Dave's Rating:

3.5

What just happened?

Children need a variety of life experiences to make them well-rounded. Confusion is one of those experiences. If everything that crosses your child's path makes perfect sense, then the cognitive dissonance they'll experience later in life might drive them to drug addiction or bizarre belief systems that don't stand up to rational analysis. And that is why you should take them to see this movie.

You should arrive late and avoid the new, unpleasant, mega-digital Sylvester and Tweety-Bird cartoon, the one where you can see Sylvester's suffering succotash saliva spewing right at your face. There's a reason that the latest Winnie the Pooh feature was in warm, hand-drawn 2D; some stuff just needs to be left alone.

Once the penguins take over you'll be treated to the spectacle of a million identical black-and-whites executing the choreography from Janet Jackson's "Rhythm Nation" video and singing a version of the song that's also mashed-up with "Sexyback" and LL Cool J's "Mama Said Knock You Out." So it's like any given moment of Glee, but with cartoon birds.

What happens next involves an "exquisite corpse" plot assembled from random doses of Robin Williams and eco-terror, subplots about krill exceptional-ism and Believing in Yourself, outcast babies and parenting failures, mean Australian elephant seals and dozens of other non sequiturs, all of it glued together with the over-arching non sequitur of singing, dancing penguins, with at least one of those sequences involving the inter-species transfer of air-guitar skills. If the successful re-release of The Lion King proved that it's a perennially effective animated sedative for kids then this franchise's ongoing popularity could well be its hallucinogenic counterpart.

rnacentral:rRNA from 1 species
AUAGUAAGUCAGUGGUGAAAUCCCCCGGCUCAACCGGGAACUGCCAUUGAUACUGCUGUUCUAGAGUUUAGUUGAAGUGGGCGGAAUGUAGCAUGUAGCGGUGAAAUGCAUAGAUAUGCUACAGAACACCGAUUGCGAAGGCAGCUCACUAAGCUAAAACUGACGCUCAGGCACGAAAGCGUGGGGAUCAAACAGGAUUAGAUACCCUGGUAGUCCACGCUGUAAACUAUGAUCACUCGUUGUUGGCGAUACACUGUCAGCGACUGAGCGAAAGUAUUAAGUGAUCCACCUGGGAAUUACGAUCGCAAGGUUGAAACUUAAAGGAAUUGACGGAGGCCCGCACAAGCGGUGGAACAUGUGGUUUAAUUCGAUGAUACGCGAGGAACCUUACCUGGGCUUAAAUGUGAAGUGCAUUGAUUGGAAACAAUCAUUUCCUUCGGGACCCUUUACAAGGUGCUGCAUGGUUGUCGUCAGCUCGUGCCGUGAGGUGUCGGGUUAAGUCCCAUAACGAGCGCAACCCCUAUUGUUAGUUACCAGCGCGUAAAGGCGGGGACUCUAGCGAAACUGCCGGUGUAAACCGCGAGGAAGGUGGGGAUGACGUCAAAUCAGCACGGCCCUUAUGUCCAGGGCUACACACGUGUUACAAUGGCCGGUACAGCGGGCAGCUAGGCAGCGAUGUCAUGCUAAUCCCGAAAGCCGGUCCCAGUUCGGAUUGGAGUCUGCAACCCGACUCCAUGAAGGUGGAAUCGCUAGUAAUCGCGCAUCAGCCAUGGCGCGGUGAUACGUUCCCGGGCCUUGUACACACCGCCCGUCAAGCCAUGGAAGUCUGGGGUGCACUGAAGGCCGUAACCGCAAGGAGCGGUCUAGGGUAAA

There are moments of WTF excellence dotting the entire experience, stuff like hearing Matt Damon singing snippets of "Never Gonna Give You Up" and "Wake Me Up Before You Go Go" or watching a heroic puffin try to become a savior/cult-leader to all penguins just to get on their good side. And the movie's final act -- here comes a spoiler, but I think of it more as a selling point, so read on or avoid at your own discretion -- involves a baby penguin belting out a moving chunk of a Puccini opera before the entire cast, elephant seals included, get crazy with David Bowie and Queen's "Under Pressure." It's a surprising combo platter of weirdness, gloriousness and thumpingly over-the-top emotional pummeling. Don't ask how, just let it do its freaky nonsense job. You won't know what you just witnessed but you'll be oddly happy that you did.

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